The internal investigation was conducted by the Ashcroft Law Firm after allegations surfaced in mid-October that LP&L Director Gary Zheng might have mishandled bids on a major power supply project.
The executive summary of the report was released in February; it cleared Zheng of wrongdoing, but it did not clear the bids. This week the LP&L board threw out bids for power supply starting in the spring of 2019. A new bidding process is underway.
“As reported by some LP&L employees, the FBI’s investigative activity revealed … potentially improper leaks of confidential … information,” the full report said.
Parts or all of a confidential document made to LP&L in September had been leaked and “made its way to the press.” Specifically, names of confidential bidders in a sealed bidding process were not kept secret during the time period required by law.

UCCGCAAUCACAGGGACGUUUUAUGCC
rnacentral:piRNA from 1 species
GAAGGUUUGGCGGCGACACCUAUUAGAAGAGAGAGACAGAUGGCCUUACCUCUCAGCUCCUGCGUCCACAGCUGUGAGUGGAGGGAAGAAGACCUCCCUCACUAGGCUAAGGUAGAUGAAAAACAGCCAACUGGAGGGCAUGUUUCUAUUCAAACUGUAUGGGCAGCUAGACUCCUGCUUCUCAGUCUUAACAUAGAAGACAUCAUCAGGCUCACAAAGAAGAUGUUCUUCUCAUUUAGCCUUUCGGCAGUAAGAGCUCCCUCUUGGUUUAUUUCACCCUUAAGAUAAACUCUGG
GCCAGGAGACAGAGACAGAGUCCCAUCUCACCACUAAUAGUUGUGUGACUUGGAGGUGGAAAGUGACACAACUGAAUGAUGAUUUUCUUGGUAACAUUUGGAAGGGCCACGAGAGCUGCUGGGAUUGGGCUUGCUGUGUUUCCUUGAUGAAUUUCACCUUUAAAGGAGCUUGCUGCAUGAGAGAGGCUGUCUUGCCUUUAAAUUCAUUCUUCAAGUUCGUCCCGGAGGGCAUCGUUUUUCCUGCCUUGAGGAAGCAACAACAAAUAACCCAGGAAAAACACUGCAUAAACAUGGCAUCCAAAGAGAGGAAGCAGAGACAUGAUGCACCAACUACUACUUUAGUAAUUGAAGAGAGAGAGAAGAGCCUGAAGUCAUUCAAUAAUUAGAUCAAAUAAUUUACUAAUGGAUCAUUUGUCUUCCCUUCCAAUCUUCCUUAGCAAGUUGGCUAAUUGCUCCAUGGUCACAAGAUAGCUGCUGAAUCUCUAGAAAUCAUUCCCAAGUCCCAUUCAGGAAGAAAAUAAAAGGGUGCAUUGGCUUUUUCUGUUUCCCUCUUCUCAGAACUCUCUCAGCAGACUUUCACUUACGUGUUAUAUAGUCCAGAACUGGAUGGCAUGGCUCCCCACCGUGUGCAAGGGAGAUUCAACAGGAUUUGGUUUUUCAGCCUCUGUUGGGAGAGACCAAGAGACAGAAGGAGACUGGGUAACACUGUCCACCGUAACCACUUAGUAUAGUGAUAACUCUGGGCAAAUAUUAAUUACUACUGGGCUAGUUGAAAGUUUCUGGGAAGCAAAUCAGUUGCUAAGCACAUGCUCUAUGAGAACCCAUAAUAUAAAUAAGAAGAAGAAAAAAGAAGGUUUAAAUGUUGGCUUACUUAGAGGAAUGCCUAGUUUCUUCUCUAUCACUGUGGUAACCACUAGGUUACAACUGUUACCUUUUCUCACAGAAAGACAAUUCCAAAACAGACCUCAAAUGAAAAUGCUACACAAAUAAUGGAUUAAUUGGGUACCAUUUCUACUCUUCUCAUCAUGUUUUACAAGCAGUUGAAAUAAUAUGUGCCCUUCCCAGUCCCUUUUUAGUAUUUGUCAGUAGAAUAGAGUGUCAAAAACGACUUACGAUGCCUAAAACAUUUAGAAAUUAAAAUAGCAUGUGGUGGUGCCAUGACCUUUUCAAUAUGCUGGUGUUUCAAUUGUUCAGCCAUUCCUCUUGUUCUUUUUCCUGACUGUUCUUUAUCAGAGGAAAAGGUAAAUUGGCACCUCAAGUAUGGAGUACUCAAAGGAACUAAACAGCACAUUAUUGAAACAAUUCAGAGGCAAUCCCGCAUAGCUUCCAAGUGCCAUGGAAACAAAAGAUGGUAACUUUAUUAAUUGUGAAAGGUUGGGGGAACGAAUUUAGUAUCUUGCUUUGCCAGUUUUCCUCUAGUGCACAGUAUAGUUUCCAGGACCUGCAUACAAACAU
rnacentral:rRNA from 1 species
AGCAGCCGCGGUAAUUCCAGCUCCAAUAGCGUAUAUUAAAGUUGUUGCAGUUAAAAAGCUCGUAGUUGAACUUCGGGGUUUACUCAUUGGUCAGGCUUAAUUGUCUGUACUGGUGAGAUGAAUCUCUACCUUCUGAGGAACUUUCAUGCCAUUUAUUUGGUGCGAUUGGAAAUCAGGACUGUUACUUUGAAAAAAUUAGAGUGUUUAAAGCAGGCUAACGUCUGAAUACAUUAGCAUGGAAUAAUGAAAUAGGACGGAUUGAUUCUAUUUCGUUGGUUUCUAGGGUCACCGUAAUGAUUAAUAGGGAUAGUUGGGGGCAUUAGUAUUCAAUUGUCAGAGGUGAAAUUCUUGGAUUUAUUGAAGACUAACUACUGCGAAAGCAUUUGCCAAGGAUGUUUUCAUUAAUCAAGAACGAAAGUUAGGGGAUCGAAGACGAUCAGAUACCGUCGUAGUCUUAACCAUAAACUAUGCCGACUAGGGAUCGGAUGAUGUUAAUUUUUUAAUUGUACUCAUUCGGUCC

An LP&L executive – not listed by name – told the Ashcroft Firm that the document which was leaked “contained all the specification numbers and all of the pricing/cost figures…” If that’s true it would be a violation of Texas law concerning a confidential bidding process.
The FBI as a matter of routine does not confirm or deny the existence of its ongoing investigations.
However, “An [LP&L board member] advised the board, in the presence of Mayor Robertson, that he had specifically been granted permission by the FBI to share information about the investigation with the [LP&L board].”
The report – given to LP&L in late January – states that LP&L staffers did not leak the information. Board members, including the mayor, were not cleared by the Ashcroft report; but they also were not accused by the report. The possibility of a former employee leaking information late last year was also not ruled out.
The report does not state to what extent the FBI has continued to talk to LP&L officials since mid-October.